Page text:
2010 Annual Report
1a.Objectives (from AD-416)
To identify and characterize novel endogenous sources of resistance to ear rot and aflatoxin accumulation in corn.
1b.Approach (from AD-416)
The focus of this research will be on a subset of the proteins that have been
identified in proteomic screening conducted at the USDA/ARS/SRRC lab, as putatively involved in aflatoxin accumulation and/or ear rot resistance. Identified proteins will be further characterized and the corresponding genes will be isolated and cloned. Proteins will be expressed in a suitable in vitro system and their possible physiological functions will be investigated. Knowledge of A. flavus functional genomics techniques will be used to identify/test proteins for target-specific interruption of aflatoxin biosynthesis. The information obtained through the above studies will be used to explore the potential of the identified genes to serve as markers in marker-assisted breeding programs.
Characterization of ZMCup1, a maize cupin (a type of protein) with antifungal properties against Aspergillus (A.) flavus, which produces the potent carcinogen, aflatoxin. Sequences of peptide fragments of the cupin protein, found to be more abundant in corn lines exhibiting resistance to A. flavus, were provided by Food & Feed Safety Research Unit, Agricultural Research Service. Upon analysis, the fragments were found to be part of a protein that belongs to the cupin (a diverse protein family containing a conserved structure) superfamily. Proteins in the cupin superfamily have diverse reported functions including seed storage, auxin binding (a protein that binds the plant hormone, auxin), sucrose binding, signaling functions and diverse enzymatic activity. The corresponding gene, ZMCup1, was identified in corn. The gene was expressed using a bacterial expression system. The expressed ZmCup1 inhibited the germination of A. flavus conidia (reproductory spores of the fungus) by 75%.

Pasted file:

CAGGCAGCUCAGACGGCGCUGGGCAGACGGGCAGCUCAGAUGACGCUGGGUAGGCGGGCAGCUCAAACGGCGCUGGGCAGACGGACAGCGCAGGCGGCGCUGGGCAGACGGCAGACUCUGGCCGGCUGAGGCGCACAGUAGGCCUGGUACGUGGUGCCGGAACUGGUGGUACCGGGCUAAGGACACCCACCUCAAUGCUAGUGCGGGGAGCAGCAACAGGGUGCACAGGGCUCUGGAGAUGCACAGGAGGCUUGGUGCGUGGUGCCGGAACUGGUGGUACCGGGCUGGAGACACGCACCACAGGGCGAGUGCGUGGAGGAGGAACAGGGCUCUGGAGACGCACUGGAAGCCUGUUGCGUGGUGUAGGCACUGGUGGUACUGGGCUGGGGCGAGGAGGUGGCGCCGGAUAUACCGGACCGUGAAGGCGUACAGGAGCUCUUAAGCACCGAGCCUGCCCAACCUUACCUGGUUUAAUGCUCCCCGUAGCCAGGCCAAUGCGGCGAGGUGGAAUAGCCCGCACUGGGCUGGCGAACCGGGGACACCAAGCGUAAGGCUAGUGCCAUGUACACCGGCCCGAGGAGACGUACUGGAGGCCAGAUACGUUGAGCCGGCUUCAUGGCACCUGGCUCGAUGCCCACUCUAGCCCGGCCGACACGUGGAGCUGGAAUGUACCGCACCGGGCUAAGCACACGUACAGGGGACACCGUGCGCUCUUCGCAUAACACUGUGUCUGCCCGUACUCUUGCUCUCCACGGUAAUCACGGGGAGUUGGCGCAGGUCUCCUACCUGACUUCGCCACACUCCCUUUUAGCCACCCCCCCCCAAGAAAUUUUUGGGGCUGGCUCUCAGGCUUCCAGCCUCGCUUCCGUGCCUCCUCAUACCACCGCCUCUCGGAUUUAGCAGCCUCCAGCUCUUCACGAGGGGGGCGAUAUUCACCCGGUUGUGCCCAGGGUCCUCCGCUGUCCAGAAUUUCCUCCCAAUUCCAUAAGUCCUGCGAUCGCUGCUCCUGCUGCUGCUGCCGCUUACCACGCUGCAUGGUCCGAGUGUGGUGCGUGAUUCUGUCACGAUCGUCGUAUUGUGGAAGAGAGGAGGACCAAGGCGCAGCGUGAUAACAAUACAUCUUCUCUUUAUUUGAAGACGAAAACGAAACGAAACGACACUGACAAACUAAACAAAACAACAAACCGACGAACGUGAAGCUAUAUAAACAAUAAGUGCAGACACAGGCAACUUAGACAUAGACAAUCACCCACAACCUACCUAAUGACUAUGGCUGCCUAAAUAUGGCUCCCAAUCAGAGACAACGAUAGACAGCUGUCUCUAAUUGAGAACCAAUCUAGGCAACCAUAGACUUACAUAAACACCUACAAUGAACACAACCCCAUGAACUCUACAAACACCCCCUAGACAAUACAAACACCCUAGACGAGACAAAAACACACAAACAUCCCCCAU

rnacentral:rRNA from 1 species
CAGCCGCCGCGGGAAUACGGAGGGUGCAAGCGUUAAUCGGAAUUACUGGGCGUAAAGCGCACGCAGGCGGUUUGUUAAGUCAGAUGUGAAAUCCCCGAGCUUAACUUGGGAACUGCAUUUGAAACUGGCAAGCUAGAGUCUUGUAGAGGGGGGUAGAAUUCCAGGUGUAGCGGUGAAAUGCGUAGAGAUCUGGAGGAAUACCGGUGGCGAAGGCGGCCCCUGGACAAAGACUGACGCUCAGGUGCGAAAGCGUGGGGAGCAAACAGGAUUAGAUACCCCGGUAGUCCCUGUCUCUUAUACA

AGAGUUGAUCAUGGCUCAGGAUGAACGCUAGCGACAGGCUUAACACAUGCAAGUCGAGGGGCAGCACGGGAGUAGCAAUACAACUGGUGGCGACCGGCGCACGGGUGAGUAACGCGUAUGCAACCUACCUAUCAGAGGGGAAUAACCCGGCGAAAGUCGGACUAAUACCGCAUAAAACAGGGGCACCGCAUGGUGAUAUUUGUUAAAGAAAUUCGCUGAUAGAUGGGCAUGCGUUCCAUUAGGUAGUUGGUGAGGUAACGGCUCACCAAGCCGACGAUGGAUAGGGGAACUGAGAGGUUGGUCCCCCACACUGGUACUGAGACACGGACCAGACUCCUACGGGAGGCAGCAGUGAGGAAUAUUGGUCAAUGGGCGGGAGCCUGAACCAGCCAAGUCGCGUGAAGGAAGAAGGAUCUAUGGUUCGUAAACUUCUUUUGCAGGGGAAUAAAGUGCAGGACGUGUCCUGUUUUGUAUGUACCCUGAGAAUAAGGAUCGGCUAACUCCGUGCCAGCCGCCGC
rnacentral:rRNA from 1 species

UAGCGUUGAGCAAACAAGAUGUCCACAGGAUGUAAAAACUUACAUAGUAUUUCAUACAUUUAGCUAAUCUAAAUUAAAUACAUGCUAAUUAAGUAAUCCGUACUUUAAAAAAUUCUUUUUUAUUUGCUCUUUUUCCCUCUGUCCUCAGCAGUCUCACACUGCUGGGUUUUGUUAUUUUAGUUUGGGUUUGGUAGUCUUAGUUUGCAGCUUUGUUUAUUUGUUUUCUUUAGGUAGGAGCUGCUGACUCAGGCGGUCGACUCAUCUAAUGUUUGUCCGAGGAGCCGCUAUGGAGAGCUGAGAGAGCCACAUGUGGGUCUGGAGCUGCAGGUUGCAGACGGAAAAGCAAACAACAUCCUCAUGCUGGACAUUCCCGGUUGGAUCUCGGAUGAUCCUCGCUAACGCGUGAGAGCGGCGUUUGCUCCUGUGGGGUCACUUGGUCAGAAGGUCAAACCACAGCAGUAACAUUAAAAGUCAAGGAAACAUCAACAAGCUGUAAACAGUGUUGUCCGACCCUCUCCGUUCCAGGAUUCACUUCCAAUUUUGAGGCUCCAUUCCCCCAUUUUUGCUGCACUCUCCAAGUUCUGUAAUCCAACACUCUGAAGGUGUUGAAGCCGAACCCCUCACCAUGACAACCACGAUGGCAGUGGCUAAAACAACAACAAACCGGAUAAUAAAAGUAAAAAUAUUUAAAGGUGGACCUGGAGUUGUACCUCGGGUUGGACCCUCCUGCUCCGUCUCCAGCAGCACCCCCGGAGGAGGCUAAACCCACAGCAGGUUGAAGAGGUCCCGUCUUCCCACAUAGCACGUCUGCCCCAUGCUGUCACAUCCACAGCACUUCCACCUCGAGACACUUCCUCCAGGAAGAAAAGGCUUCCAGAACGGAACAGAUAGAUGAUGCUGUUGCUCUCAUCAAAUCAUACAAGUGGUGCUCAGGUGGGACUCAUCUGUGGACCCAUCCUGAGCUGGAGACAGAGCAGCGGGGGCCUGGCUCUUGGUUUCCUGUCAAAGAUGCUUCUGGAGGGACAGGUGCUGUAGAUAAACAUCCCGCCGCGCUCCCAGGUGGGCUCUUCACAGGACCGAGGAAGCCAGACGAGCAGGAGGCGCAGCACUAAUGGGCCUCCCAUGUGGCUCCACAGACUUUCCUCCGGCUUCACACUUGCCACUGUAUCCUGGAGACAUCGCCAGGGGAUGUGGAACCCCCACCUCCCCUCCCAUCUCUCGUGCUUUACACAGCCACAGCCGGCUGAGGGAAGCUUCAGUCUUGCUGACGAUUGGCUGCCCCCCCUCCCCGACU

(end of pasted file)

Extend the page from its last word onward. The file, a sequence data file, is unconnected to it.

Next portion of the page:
Analysis of Disease Resistant Networks in Maize by Identification of Protein-Protein Interactions: Several kernel proteins associated with the resistance of kernels to ear rots have already been identified. Some of these proteins were shown to have fungicidal or fungistatic properties. To further analyze these resistance-related proteins, shed light on their co-regulation, and to better understand their role in resistance, we constructed a predicted interactome (a graphical model of all protein interactions) for maize based on protein orthology (genes in different species derived from a common ancestor) of Arabidopsis thaliana. This interactome allows the integration and interrogation of ribonucleic acid transcript (the product of gene expression) abundance and protein abundance expression data to investigate and confirm possible interactions among these proteins and to reveal and identify possible crosstalk between networks resulting in disease resistance. The interactome was used to predict interacting partners of ZmCUP1. Predicted interactions were validated through yeast two hybrid screens and confirmed through co-immunoprecipitation assays. The interaction of ZmCUP1 with a putative transcription factor and with a heat shock protein have been confirmed. Research progress was monitored through teleconferencing, frequent email communications, and reports.